• That would be great, but DC closes most of the shelters when it’s not winter time due to budgetary concerns. And every year there are less and less private charitable organizations running shelters. The truth is that the homeless flood the parks because they literally have nowhere else to go. That doesn’t excuse public urination/defecation/drunks but where would you suggest the homeless go if there is no shelter space for them?

          • How do you know they flood the park cause they have nowhere else to go and that some or even many don’t just prefer being in the park rather than in a shelter?

        • Then start advocating for and donating to mental health treatment, drug treatment, expanded affordable housing, and increased shelter space instead of complaining about how people with nowhere else to go have the audacity to use one of the few spaces in this city where they have a right to physically exist without being charged with trespassing.

          Or, you could just continue to try to push these people who desperately need help out of sight so you don’t have to think about them–or the real consequences of your ignorant demands.

  • I think dc’s no loitering laws are humane and good, but I’m just gonna say it, this park is completely ruined by homeless people. why are we relegated to dupont and logan and the homeless get this gorgeous park? how do other cities do it??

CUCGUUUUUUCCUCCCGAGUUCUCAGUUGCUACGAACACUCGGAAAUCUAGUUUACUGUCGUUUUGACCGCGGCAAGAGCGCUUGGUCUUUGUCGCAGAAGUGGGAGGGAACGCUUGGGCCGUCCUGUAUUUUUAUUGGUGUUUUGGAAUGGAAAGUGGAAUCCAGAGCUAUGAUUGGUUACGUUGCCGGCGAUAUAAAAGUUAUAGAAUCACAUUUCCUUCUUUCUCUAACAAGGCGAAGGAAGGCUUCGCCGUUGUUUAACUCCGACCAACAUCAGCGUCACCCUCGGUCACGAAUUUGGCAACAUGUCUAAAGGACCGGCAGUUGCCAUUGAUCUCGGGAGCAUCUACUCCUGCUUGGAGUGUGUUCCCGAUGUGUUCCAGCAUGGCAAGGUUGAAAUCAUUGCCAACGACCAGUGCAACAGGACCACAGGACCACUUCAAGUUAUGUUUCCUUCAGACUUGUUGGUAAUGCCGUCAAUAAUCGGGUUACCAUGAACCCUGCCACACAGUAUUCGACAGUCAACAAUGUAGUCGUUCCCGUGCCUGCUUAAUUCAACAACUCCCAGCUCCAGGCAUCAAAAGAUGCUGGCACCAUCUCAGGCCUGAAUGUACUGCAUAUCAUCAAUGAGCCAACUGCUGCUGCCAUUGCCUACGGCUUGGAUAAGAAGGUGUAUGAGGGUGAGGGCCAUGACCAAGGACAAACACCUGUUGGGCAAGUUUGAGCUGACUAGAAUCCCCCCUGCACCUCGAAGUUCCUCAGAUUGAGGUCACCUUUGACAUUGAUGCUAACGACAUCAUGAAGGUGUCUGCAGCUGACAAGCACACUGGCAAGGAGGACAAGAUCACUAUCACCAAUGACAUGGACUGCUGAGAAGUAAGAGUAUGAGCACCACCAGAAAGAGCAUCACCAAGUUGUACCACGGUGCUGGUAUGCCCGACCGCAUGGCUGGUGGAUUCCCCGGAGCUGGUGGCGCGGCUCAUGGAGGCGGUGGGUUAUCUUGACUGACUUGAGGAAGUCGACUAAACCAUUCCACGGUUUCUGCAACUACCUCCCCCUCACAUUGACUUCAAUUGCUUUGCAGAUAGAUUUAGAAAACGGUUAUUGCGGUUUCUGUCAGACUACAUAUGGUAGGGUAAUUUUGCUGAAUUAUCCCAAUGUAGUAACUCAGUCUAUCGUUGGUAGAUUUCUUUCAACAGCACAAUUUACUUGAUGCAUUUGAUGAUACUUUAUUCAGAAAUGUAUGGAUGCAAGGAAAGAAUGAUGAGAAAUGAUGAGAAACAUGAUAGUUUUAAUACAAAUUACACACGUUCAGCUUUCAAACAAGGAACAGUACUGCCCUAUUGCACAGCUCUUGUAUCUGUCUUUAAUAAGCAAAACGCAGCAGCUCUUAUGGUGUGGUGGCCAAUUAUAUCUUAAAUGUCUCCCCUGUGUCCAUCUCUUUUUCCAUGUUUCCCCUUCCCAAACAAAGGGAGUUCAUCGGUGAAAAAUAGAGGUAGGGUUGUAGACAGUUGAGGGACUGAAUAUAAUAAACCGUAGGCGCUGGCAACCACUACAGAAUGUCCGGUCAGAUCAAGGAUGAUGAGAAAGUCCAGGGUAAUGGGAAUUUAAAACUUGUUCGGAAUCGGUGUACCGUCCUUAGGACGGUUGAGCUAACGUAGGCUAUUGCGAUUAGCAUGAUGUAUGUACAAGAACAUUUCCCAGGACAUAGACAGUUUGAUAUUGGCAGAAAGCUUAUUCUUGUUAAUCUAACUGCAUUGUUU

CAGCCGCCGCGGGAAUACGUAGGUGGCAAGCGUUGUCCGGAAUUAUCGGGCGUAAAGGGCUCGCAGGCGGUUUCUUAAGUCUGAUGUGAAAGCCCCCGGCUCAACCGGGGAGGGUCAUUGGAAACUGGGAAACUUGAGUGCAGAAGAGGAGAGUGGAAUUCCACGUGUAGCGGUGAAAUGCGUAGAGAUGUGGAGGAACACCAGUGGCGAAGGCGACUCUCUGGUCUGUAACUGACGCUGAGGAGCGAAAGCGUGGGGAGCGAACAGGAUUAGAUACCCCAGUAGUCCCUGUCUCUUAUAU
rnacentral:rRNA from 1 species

• Its either homeless people in the downtown parks, or sexual deviants in Rock Creek — take your pick!

    mv’s got a good point: My tax dollars go to maintaining these parks, but I’m too grossed out to enjoy any of them. That’s downright ridiculous.

    • Even if the homeless did leave the park, you couldn’t pay me to sit on those benches until they were disinfected first. The smell coming from many who sleep on the benches is putrid!

  • I work across the street. It seems that after the homeless shelter closed, the # of homeless in that park spiked for a while but now it seems as though the numbers have dwindled. I never sit on the benches in that park as I’ve seen too many homeless urinating while they remained seated in the bench. The food trucks have brought scores of office workers to the park for lunch. I see many office workers sitting in the park to eat and I wonder about how much dried urine and god knows what else they are sitting on.

  • I’ve worked at 12/K for the last 6 years and have mixed feelings re Franklin Square. Could definitely stand some fancying up, ala Rittenhouse in Phili, if it wanted to become more of an attraction. Some parts of it smell more of urine than others. Has some absolutely gorgeous trees that you won’t find anywhere else downtown (or in any other downtown, for that matter).